Whether you’re in the top 3.9% of manual transmission car owners or not, transmission maintenance should be a top priority.
Yes, manual and automatic transmission alike, you’ll have to take a look under the hood from time to time. 200,000 miles on a transmission isn’t a dream anymore, since most modern cars should have a gearbox that can take it. The vital component?
Your due diligence. Time to see what that could mean.
Want to see if you can take it to the redline? Start your engines and keep reading!
Fluid Check: Keep It Up
Transmissions only work because the fluids allow for just enough slip that the gears can switch without creating too much friction. Over time, that friction burns away transmission fluids and wears on your gears. It’s unavoidable, but we can slow the process of wear and tear down dramatically by making sure the fluids are kept at normal working levels and at low grades of contamination.
Healthy fluids should be red in color, clear, and a sweet smell. If it has a fishy smell, or is murky, you could have more wear than you thought. A low level could indicate a leak or burning. You’ll need to take it in to make sure.
Some newer transmissions also need special tools just to check the fluid, so if you can’t find your transmission fluid don’t panic. You’ll have to take it to a mechanic that deals in your make of vehicle.
(Don’t) Gimme a Brake
Excessive breaking doesn’t just wear down your brakes, but causes excessive downshifting. If you are a manual transmission user and you let your engine do your braking for you (engine braking) by successive downshifting, you’re wearing your transmission. Since brakes are an easier and cheaper replacement it’s not a bad idea to limit engine braking to only necessary situations, unless you’re very attuned to your car.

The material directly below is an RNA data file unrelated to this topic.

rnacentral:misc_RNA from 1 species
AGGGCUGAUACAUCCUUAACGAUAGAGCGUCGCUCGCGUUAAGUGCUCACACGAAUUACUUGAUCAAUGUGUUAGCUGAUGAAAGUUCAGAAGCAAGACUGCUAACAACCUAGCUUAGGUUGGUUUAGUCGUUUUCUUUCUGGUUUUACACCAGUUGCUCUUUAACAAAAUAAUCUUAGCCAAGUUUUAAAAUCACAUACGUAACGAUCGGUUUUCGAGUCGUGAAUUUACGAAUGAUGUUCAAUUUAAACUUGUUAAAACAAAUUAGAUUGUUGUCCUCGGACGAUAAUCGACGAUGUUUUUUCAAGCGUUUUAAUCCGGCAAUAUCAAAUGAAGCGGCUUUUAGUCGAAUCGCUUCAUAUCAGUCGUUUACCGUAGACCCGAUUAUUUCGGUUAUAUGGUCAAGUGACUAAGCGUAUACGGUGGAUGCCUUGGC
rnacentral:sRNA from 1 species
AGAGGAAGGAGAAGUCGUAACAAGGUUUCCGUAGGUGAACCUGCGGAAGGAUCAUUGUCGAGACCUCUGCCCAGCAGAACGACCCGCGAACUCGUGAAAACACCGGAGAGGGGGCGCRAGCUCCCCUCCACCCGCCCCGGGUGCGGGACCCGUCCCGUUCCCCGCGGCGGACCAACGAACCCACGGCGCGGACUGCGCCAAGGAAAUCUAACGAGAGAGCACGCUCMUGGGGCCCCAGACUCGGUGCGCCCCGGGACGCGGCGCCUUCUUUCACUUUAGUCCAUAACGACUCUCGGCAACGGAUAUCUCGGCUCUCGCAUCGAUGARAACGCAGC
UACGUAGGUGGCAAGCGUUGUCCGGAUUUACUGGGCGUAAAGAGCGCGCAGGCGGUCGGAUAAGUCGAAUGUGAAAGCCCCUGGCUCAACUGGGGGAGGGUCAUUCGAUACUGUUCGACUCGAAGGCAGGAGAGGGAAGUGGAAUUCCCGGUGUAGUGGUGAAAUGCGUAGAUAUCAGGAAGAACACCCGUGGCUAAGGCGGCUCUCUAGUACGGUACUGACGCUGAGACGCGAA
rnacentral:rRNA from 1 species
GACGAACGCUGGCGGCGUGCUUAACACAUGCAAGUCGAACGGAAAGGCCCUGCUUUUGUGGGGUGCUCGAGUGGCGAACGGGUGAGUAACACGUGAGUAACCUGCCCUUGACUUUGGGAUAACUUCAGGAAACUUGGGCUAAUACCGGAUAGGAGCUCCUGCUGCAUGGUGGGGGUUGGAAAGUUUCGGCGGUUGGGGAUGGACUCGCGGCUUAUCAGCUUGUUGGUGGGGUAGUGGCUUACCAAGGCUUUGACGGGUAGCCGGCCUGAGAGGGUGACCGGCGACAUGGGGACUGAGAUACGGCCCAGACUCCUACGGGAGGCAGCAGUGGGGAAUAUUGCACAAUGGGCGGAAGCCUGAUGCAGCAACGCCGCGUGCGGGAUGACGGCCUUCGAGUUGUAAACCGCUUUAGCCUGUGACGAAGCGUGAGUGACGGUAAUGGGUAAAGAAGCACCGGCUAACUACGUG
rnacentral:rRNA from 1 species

Automatic transmission owners who brake excessively, rather than coast, should also be wary. Your transmission is computer-controlled to change gears optimally. Essentially, engine braking done right.
Gear Up — And Stay There
It can be hard at times to keep track of what gear you’re in if you’re changing it a lot or are inexperienced. Keeping your gear in first on a 45 mph road often, even for a half-mile or so, can lead to early transmission repair. Even if you aren’t redlining it, keeping it at high revs will build up unnecessary heat in the engine and the gearbox, wearing down your gears and burning fluids off.
This is more of an issue with inexperience, so it could mean getting tips from more experienced drivers.
Transmission Maintenance: Your High Gear Tips
So, what did you learn? We hope you learned that transmission maintenance doesn’t have to be a bear and isn’t nearly as in-depth or costly as replacement or repair.
Manual transmissions may have a reputation for being most fuel-efficient and lasting longer, but they still need care. As an automatic transmission owner, you could be on cruise control and forget about transmission preventative maintenance. Transmission care, though, should be a part of your regular car service.
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